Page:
(D) a loss of more than 99 percent of all coral reefs on Earth;

(E) more than 350,000,000 more people to be exposed globally to deadly heat stress by 2050; and

(F) a risk of damage to $1,000,000,000,000 of public infrastructure and coastal real estate in the United States;

 it goes onto some more generic initiatives, that not too many people can disagree with, even if we disagree on how to get there. Still there are some provisions in the resolution that have provided some minor controversies. For example,  

(E) upgrading all existing buildings in the United States and building new buildings to achieve maximum energy efficiency, water efficiency, safety, affordability, comfort, and durability, including through electrification;

The biggest controversy of this statement is “all existing buildings”, but that doesn’t have to be a major upgrade to make a significant impact. Many climate experts recommend a simple step like switching to LED bulbs or treating your windows to let in less light which can reduce heating and cooling costs.

If every building in the country was upgraded with these simple steps it would make a significant difference. And while we can argue about how to implement such a plan, what shouldn’t be argued is that it’s a worthy goal.

Another section that might be deemed “controversial”

(O) providing all people of the United States with—

(i) high-quality health care;

Once again this is a prime example of an action that shouldn’t be controversial, even if we disagree on how to get there. The problem is right now the GOP has no idea how to get there, so agreeing to the fact that every American deserves “high-quality health care” can be a hard sell.

But it shouldn’t be, nothing in this resolution is radical or ground-breaking information, it’s the reality of the world we live in, and it’s time for Congress to wake up to that fact. Only once we get everyone on board, Republican, Democrat, and Independent, can we start making progress to reducing carbon emissions in the United States and do our part to ensure a world that the younger generation and their family can live in.

Click this link for the full text of the resolution presented to Congress.

Envisioning a 4-party system

In 2016 the United States missed an opportunity. On the left we had a Democratic Socialist (Bernie Sanders) squaring off against a “conventional” Democrat (Hillary Clinton), and on the right we had a populist (Donald Trump), squaring off against a wide field of “traditional” Republicans. It was the perfect chance to highlight the vast disparities between the differing sects inside each political party and do something about it.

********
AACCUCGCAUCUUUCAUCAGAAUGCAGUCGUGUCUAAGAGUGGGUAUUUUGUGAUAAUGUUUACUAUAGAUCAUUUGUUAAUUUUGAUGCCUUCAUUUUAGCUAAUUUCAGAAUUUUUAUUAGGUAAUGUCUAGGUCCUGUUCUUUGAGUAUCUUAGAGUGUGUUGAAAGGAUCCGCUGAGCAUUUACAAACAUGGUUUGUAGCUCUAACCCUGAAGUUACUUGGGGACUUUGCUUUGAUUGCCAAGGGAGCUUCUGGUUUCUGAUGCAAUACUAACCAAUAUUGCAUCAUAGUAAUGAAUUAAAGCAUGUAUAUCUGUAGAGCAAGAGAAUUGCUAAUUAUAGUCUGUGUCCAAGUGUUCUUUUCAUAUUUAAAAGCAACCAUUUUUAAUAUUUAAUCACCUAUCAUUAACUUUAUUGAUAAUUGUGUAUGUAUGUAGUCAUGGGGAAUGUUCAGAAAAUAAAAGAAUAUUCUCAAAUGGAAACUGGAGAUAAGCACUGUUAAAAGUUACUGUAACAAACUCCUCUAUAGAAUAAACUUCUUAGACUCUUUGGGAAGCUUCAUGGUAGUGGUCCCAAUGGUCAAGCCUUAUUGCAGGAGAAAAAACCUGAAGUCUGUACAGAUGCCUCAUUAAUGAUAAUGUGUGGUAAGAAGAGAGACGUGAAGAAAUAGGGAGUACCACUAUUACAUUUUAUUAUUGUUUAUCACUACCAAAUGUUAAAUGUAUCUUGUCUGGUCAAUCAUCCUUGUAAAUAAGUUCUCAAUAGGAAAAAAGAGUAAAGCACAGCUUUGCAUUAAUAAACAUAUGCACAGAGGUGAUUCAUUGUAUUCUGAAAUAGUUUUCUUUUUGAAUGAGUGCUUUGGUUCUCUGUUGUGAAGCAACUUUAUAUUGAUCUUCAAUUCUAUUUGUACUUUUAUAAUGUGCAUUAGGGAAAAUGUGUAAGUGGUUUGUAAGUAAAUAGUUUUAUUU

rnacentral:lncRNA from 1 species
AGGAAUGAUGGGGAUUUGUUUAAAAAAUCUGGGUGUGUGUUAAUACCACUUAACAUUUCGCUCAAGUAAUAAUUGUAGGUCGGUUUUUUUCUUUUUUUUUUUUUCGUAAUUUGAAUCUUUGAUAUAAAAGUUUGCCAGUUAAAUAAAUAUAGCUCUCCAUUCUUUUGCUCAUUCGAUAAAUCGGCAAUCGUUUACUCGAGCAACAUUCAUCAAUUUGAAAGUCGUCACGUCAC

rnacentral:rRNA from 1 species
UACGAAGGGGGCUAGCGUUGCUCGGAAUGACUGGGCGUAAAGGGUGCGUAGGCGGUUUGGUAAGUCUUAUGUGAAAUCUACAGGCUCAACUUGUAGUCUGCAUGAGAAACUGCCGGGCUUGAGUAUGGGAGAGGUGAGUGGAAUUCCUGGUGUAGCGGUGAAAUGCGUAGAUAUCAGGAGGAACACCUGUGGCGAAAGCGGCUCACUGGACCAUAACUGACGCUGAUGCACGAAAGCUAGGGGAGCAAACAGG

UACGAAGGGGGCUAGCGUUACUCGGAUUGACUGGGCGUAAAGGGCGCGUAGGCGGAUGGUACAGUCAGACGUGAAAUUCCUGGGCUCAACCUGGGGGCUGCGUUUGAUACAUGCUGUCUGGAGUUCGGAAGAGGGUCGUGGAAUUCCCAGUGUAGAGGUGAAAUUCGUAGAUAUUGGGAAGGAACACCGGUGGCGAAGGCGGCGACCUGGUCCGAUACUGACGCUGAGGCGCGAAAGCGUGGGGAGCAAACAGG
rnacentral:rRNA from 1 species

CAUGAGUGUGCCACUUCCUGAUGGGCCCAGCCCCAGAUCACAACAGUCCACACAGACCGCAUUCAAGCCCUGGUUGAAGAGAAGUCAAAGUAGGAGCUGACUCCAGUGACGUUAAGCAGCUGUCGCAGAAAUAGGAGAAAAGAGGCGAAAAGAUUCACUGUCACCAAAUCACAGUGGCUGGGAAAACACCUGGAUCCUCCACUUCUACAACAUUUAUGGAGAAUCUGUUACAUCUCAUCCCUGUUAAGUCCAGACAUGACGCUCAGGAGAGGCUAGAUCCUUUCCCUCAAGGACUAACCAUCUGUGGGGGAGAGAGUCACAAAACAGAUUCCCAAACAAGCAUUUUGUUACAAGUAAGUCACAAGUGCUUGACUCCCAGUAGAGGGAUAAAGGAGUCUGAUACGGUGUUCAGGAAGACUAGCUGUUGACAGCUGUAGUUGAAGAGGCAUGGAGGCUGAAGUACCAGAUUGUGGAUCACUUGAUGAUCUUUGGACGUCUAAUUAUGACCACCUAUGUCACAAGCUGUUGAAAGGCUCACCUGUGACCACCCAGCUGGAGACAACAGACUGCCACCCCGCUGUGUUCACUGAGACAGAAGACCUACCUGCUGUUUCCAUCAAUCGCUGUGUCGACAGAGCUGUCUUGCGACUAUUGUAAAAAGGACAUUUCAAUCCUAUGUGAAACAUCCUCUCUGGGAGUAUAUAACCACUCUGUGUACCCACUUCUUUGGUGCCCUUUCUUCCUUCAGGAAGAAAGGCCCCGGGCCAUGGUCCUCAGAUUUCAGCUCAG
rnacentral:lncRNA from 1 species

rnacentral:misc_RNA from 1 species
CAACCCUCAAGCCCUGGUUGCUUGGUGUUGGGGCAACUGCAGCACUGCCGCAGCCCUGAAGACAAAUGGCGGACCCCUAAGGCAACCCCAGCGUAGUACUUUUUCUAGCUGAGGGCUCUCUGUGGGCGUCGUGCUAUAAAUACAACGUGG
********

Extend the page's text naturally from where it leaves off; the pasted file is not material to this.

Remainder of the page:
Even with an extreme partisan like Clinton, and an extreme partisan like Cruz, there were still two more candidates that held even more radical views competing for their party’s nomination.

But imagine if both parties were split in two, with each party’s most extreme members forming their own political parties based off those beliefs. A populist party for the extreme Republicans and a Democratic Socialist party for the extreme Democrats.

Before looking at the presidential election implications of doing this, lets look at the implications to Congress. The country is divided into extreme partisan areas, areas that elect people like Alexandria Oscar-Cortez and Bernie Sanders on the left, and people like Ted Cruz and Donald Trump on the right.

In an ideal situation each party would have roughly the same number of people (please don’t misunderstand me, there would still be elections which invariably means that there would be fluctuations to this and that’s a good thing). But as long as no one single party gained complete control for too long it’d be fine.

That would mean that depending on the makeup of the government at the time, each “moderate” party would need to work with their respective extreme parties to get their more extreme measures passed. Additionally, to get more moderate legislation passed they would need to work with the other moderate party. A system like this rewards cooperation, since no party can do anything all by themselves, as compared to our current winner take all system that results in politicians hurting their careers when they work with the opposing party. Having more parties in Congress is a clear advantage for the country because the amount of cooperation it encourages.

For the presidential election things get far trickier in a multiparty system though, you don’t want an elected president who only got 30 percent of the popular vote. Ideally, in a multiparty system you don’t have a direct election for the President, you have a parliamentary system like those used throughout Europe. I would propose a system where the elected Congress votes for and chooses the President.

This would once again encourage cooperation between the parties and ensure that the President isn’t extremely partisan, since no one party can elect the President by themselves. The other option for a Presidential system with multiple parties is a runoff election type scenario. However, I think this would still lead to a heavily partisan President, blunting much of the impact of a less partisan Congress.

To be clear, I don’t think a system like the one described above will ever be implemented in the United States, it would require a complete overhaul of our government right down to the Constitution. Still, I said it before and I believe it even more now, we need more than two parties in our government.

The way the United States works right now is we go from one extreme to the other, swinging back and forth between the two, and as a result we drown out the moderates. It’s an extremely volatile system that leaves a large portion of the population feeling disconnected from the government and encourages large partisan divides and big divisions throughout the country.